There are a plethora of other kids there just waiting for a mother or father. Unfortunately these kids are rude or at least loud with one another, and have no business being here. Not just because of their disposition, but they are loud and rude for a reason: they are kids. They should be outside, playing, shooting a basketball or figuring out how the world spins. They should be far from the misery that surrounds this place. I pull out my crossword puzzle and get to working on it. (Bitch alert) It's hard and I can't seem to really make it work today, I don't know if my mind is elsewhere, or it's just beyond me, either way it makes me angry. (not sure if that's a bitch or a whine. Either way, you were warned.)
(this is my puzzle that I couldn't finish!
Again, my puzzle.
Do not finish it and send me the answers.
It may force me to think about knocking you one on the head.)
"Fernanada...Ferr...Fa...Benjamin?" I get called up to the registration desk. I sit down in the chair and begin filling out the ubiquitous paper work and answering the ubiquitous questions. Home address, SS#, next of kin, Insurance. You know the drill. However when they get to the insurance question they ask me if I still have an insurance that is not current.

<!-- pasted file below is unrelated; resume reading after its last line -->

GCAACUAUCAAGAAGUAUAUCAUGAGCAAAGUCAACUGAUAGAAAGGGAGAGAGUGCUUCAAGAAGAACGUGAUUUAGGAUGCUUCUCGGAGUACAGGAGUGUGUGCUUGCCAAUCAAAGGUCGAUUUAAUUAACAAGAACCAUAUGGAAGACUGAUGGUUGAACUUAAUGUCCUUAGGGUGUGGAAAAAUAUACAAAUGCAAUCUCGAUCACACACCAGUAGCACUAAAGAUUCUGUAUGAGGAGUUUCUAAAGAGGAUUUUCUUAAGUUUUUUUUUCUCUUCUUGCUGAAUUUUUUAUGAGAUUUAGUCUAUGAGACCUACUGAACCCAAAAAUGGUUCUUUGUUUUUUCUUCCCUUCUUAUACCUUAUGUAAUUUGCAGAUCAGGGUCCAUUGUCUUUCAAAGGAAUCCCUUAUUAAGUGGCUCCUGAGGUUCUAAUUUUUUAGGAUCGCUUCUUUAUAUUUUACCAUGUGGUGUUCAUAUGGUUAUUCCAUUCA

Here's the deal: In March I started a new job, with the new job, new insurance. The last time I saw this particular doctor they told me I would need to get one of my bi-yearly MRIs in September. I knew that by the time I was ready for the MRI I would be under the new insurance. I told them this, and they told me to make sure I called them with the new info so as they could get any pre-certifications that they might need. Fair enough. Now being in the situation I am in, this sorta thing is important to me, so I began my coverage of my new insurance (which is scary in and of itself, for another post though) I called said doctor office and after a few "hold on a seconds, and let me transfer you." I updated my info with a nice guy on the other end of the phone, and just a few days later, in the mail I got my confirmation for my MRI (with previously mentioned directions). Good, fine, great September 3rd put it in the book and take the day off from work.